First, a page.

# GRAPHIC CALCULATOR

Found 22nd Jan 2011

Hi there just wanting some advice my son is doing A Level Maths and has been told he needs a graphic calculator - can anyone recommend a make ?

Thanks

Thanks

Found 22nd Jan 2011

Hi there just wanting some advice my son is doing A Level Maths and has been told he needs a graphic calculator - can anyone recommend a make ?

Thanks

Thanks

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See link for help, but i used to have a sharp (didnt have it long enough to remember the model number) thestudentroom.co.uk/sho…909

I'm not saying you absolutely have to have one, but if it's allowed in the exam why wouldn't you use one, even if it's only to check? When I did my A-Levels I was sold a calculator by the school itself! You'll be at a disadvantage if you don't have one and everybody else does simply because when it comes to the exam you're basically competing against them to see who can do better. If you spent over £100 on one then that probably wouldn't have been allowed in an exam any way, one's that can do symbolic calculations like integrals etc. aren't allowed.

To answer the OP's question I used a Sharp EL-9900, but it's best to check with the school first, because if they recommend a certain one that's the one they'll teach everybody to use, so it's best to have the same one for obvious reasons!

I argree, but which teacher is going to check the spec of the calculator and accept/reject each and everyone? I remember when i was at uni the graphic calculators had just come out a few years ago and no one checked or cared whether your calculator could work out integrals or could run the 100m sprint!! the fact is as much as we need claculators we must learn to live without them...... but to use it as a checking tool i agree with......but how many other students use it primarily for that?

Perhaps I'm making assumptions here, but I'm guessing it was quite a long time ago that you did your A Levels? I did mine a few years ago and just finished a degree in Mathematics last summer. If I remember correctly I had to do six exams for the Maths A Level, and only one was non calculator. As I said the school itself sold me a calculator, and everybody bought one. The teachers expected you to have one. But they also knew what the regulations allowed in exams, and if you brought along a really fancy calculator for an exam, one that could do integrals symbolically for example, they would've taken it off you. As 99% of us had bought our calculators off the school, and they only offered two different models which they already knew were allowed in the exam, it really wasn't much effort for the teachers to check them beforehand. So yes, when I did my A levels the teachers effectively did check the spec of each one.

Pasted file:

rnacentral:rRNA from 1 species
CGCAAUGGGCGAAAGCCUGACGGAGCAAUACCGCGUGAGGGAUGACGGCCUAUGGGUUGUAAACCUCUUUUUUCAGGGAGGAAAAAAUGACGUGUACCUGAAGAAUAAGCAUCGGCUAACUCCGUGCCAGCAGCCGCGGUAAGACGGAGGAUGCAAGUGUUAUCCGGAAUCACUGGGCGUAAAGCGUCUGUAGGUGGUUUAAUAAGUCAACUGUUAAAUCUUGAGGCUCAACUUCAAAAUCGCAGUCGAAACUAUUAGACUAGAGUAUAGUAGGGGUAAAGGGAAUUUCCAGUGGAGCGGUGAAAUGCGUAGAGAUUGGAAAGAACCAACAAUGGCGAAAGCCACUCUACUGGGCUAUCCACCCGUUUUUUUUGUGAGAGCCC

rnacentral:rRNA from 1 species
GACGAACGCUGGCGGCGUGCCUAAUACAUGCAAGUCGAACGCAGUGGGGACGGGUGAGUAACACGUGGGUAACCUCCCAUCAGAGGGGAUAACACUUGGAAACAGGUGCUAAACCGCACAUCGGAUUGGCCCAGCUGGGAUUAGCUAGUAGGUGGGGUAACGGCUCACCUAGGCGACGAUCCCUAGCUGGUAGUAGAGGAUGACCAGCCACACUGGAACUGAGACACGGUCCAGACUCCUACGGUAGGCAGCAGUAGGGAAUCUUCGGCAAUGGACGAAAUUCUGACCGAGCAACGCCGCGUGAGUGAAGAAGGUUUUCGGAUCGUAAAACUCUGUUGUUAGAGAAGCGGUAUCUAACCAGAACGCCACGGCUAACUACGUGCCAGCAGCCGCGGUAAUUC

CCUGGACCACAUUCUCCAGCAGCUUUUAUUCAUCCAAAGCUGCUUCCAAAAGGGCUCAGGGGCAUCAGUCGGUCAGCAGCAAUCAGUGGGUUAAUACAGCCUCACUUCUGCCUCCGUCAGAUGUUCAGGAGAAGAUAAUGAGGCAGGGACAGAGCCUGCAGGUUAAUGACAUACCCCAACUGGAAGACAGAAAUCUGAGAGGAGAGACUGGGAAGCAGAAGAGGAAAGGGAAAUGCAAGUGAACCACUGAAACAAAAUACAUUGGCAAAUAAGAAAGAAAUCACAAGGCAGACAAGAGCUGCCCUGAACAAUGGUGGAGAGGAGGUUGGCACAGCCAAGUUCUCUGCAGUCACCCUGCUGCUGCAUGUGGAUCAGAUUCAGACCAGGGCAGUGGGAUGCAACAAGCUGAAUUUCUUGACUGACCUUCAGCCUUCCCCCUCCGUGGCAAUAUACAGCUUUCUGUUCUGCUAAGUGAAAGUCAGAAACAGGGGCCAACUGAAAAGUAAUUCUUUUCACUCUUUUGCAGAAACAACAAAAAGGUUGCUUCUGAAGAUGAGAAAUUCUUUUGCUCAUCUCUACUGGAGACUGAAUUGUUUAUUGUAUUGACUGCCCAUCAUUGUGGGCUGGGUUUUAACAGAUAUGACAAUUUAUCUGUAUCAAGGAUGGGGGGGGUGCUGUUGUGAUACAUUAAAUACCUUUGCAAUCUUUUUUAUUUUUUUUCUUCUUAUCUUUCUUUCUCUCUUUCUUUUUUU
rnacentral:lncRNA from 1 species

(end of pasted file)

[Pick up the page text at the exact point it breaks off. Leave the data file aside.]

I think your original statement that "the teacher who said he needs is an idiot" is very unfair. Calculators are allowed in the exam, and like it or not, the job of a teacher nowadays is to maximize exam marks, so teaching students how to use their calculator is part of it. Simply put if two students of a similar skill level enter an exam, one with a calculator and one without, who's most likely to make a silly mistake under the pressure? You may not agree with it but that's how it works.

Anywa, congratulations on your mathematics degree...... what was your dissertation on?

To answer your question, I didn't have to do a dissertation, just a load of exams, all of which were non calculator! That's not to say that I didn't use a calculator at all during my degree though, when working through homework sheets I'd quite often use a calculator, or more often a computer program, to do tedious things like multiply together large matrices or to find roots of polynomials and factor them, stuff I could easily do but didn't want to waste time doing. Indeed doing stuff like that was encouraged by most of the lecturers I had, as the tedious things detracted from what they were actually trying to teach!